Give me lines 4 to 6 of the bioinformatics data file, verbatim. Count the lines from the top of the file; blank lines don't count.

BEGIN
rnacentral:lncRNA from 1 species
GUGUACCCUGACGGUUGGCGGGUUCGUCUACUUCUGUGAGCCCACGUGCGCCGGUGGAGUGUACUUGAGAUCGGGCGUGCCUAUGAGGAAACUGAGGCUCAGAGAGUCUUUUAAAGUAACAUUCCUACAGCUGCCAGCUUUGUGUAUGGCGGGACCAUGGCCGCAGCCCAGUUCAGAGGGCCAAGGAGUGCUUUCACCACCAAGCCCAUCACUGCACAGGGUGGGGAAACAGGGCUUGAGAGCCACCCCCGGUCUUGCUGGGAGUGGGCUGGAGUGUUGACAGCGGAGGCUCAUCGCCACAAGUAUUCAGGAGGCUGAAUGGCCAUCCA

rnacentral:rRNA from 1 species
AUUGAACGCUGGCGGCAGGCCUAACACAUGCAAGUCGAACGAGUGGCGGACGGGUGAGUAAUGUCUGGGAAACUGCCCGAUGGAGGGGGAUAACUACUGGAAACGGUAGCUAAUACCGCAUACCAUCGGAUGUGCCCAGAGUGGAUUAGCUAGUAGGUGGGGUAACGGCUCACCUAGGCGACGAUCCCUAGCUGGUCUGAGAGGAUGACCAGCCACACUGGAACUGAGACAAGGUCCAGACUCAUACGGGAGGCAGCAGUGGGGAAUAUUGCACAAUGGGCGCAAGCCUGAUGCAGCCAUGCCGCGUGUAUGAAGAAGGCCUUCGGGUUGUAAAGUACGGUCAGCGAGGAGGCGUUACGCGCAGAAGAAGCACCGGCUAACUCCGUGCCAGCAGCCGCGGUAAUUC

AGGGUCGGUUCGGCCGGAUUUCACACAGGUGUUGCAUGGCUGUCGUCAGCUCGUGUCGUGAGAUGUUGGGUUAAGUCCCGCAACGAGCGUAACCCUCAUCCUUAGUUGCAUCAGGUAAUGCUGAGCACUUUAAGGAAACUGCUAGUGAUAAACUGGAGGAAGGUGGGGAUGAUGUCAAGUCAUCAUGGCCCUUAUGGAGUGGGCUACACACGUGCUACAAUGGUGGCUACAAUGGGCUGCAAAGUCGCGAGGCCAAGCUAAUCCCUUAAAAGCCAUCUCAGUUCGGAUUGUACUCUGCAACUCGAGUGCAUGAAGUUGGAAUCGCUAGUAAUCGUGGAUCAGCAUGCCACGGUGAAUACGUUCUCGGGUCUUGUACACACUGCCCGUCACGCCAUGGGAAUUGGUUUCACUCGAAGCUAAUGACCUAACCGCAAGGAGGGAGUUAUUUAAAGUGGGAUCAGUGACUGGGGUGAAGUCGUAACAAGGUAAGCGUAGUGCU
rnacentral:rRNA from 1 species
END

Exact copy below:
AUUGAACGCUGGCGGCAGGCCUAACACAUGCAAGUCGAACGAGUGGCGGACGGGUGAGUAAUGUCUGGGAAACUGCCCGAUGGAGGGGGAUAACUACUGGAAACGGUAGCUAAUACCGCAUACCAUCGGAUGUGCCCAGAGUGGAUUAGCUAGUAGGUGGGGUAACGGCUCACCUAGGCGACGAUCCCUAGCUGGUCUGAGAGGAUGACCAGCCACACUGGAACUGAGACAAGGUCCAGACUCAUACGGGAGGCAGCAGUGGGGAAUAUUGCACAAUGGGCGCAAGCCUGAUGCAGCCAUGCCGCGUGUAUGAAGAAGGCCUUCGGGUUGUAAAGUACGGUCAGCGAGGAGGCGUUACGCGCAGAAGAAGCACCGGCUAACUCCGUGCCAGCAGCCGCGGUAAUUC

AGGGUCGGUUCGGCCGGAUUUCACACAGGUGUUGCAUGGCUGUCGUCAGCUCGUGUCGUGAGAUGUUGGGUUAAGUCCCGCAACGAGCGUAACCCUCAUCCUUAGUUGCAUCAGGUAAUGCUGAGCACUUUAAGGAAACUGCUAGUGAUAAACUGGAGGAAGGUGGGGAUGAUGUCAAGUCAUCAUGGCCCUUAUGGAGUGGGCUACACACGUGCUACAAUGGUGGCUACAAUGGGCUGCAAAGUCGCGAGGCCAAGCUAAUCCCUUAAAAGCCAUCUCAGUUCGGAUUGUACUCUGCAACUCGAGUGCAUGAAGUUGGAAUCGCUAGUAAUCGUGGAUCAGCAUGCCACGGUGAAUACGUUCUCGGGUCUUGUACACACUGCCCGUCACGCCAUGGGAAUUGGUUUCACUCGAAGCUAAUGACCUAACCGCAAGGAGGGAGUUAUUUAAAGUGGGAUCAGUGACUGGGGUGAAGUCGUAACAAGGUAAGCGUAGUGCU
rnacentral:rRNA from 1 species